Another Look At Whitechapel

It’s time for our monthly look at the television series Whitechapel, brought to you by our very special guest blogger Philipp Röttgers.

A photo of Philipp Röttgers
Philipp Röttgers Our Guest Blogger


The episode starts similar to the one before, this time with images of the Ripper, the dead woman found at the end of episode 1, and Chandler talking to the Commissioner. Chandler informs the Commissioner that the murder of the victim in Hanbury Street was similar to the one of Annie Chapman.

Chandler distributes Ripper-literature in his team.

Some of the publications are probably even used as sources for this blog (or are written by known authors/tour guides). DC McCormack informs the team that the victim “had three children, separated, she was an alcoholic and this one was definitely on the game.” All these attributes fit to Annie Chapman. Also, Chandler says that the victim was in a fight before she died. Annie Chapman had been in a violent argument with a fellow resident shortly before her death. Meanwhile, Miles interrogates a prostitute on the street.

He informs Chandler that the prostitute told him of a soldier that she and the other girls are afraid of. Miles links it to the envelope found at the murder scene, which comes from a soldier’s regiments. When Annie Chapman’s body was found in 1888, there was a piece of envelope at the scene with the stamp of the Sussex Regiment.


Chandler meets Buchan in a pub, who tells him that the envelope had nothing to do with the murderer of Annie Chapman.

He says that the modern Ripper creates all the false traces for Chandler to make him his Inspector Abberline. Back in the investigation room, Miles presents the suspicious soldier’s name to the team:

Private John Leary, who was also the soldier seen by PC Barrett on the night of Martha Tabram’s murder.


When the team talks about the different Ripper theories in their books, Fitzgerald mentions the Royal conspiracy theory, which inspired From Hell. Kent’s book says the murderer “is a sailor that went off to live in Jamaica”, probably the Carl Feigenbaum theory. Miles has a book about a woman as the culprit, which is a theory that was already postulated at the time of the murders.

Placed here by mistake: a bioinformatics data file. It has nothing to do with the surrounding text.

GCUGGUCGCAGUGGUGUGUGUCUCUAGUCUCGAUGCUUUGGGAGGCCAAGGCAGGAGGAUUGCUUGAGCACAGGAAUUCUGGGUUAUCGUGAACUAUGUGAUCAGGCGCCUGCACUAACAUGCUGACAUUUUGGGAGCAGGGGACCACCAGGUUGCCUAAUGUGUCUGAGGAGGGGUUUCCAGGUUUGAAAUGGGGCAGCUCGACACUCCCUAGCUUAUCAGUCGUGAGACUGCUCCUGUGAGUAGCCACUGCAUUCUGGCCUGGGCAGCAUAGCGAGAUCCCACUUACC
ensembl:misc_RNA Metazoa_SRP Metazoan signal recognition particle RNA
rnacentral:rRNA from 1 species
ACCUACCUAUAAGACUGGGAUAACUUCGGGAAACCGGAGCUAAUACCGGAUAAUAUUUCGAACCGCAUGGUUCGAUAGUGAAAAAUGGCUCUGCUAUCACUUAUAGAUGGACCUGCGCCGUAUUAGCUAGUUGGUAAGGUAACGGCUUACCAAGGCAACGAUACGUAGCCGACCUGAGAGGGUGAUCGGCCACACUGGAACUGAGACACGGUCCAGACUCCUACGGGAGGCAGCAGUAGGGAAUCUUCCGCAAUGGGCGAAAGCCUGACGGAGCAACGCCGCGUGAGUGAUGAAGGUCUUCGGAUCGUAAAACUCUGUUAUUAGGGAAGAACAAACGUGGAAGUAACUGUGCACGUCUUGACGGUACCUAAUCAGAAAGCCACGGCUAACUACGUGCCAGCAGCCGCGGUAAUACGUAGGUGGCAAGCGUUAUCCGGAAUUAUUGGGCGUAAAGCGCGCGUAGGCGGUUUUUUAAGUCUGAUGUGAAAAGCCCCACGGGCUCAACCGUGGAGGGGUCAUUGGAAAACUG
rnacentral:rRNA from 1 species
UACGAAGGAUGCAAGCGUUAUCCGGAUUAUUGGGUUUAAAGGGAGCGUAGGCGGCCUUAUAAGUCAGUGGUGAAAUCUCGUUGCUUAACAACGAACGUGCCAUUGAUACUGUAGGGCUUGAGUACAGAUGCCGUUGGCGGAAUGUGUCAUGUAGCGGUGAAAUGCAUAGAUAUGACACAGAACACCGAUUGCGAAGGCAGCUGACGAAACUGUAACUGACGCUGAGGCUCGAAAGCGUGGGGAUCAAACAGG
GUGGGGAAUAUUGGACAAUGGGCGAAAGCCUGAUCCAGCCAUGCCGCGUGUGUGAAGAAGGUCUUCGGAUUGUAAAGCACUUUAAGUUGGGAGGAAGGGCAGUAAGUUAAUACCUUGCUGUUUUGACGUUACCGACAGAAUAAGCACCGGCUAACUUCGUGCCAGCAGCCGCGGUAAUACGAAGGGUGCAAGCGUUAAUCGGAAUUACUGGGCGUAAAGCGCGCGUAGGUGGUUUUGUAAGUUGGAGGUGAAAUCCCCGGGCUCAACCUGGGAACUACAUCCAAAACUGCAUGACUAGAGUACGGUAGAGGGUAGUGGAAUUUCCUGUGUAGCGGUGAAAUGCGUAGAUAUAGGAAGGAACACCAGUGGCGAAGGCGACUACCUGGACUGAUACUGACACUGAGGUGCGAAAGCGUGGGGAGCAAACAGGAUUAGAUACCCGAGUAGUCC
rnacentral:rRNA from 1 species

The newspapers have been informed about the murders. Chandler warns his team of “false leads, false confession and false alarms, not to mention members of the public getting in our way. The press are offering money for information.”


In 1888 this was exactly what happened. Buchan is taken in to advise the team and they talk about the upcoming “double-event”, the night of the 30th of September, where both Elizabeth Stride and Catherine Eddowes were murdered by Jack.

Buchan points out that Mitre Square, where Eddowes was killed, still exists nowadays and that he thinks that Elizabeth Stride was not a Ripper victim.

In the investigation room, Chandler explains that if the Ripper prepares a double murder, the first one will take place on Henriques Street, which is now the name of Berner Street, where Elizabeth Stride was murdered.

A view of the Flower bed in Mitre Square.
Mitre Square (With The Flower Bed) In 2013.


On the following night, the team cannot prevent the murder of Mary Bousfield on Mitre Square and Buchan is arrested as he was at the wrong place at the wrong time. He wanted to catch the Ripper himself and while he is arrested, the Ripper has enough time to place Mary Bousfield’s body in the square.

Thinking he is the killer, the police interrogate Buchan and search his house. In the mortuary, Dr Llewellyn describes the wounds on Mary Bousfield: “He cut her throat first right through to the vertebrae. The abdomen has been completely opened up. There’s a stab wound in the liver. Genital mutilation. And the kidney and uterus have been removed”. This reads like the wounds of Catherine Eddowes. Chandler and Miles point out that Mary Bousfield knew the killer, just like Catherine Eddowes had said that she wanted to earn the reward offered for the apprehension of the Whitechapel murderer  – “I think I know him.”


The team finds out that the murderer must be someone who contacted Buchan via his homepage and asked him about the Ripper crimes and that this information is the basis for the new Ripper’s deeds. Buchan informs DC Sanders that according to history the killer is going to send a kidney to “someone he regards as his nemesis”.

In 1888, this nemesis was Mr George Lusk, the Chairman of the Whitechapel Vigilance Committee, who received a letter addressed “From Hell” along with a parcel that included half a kidney.

The episode ends with the same package being delivered to DS Miles’ private home (Is this a hidden pun at Lusk’s home in Mile End?).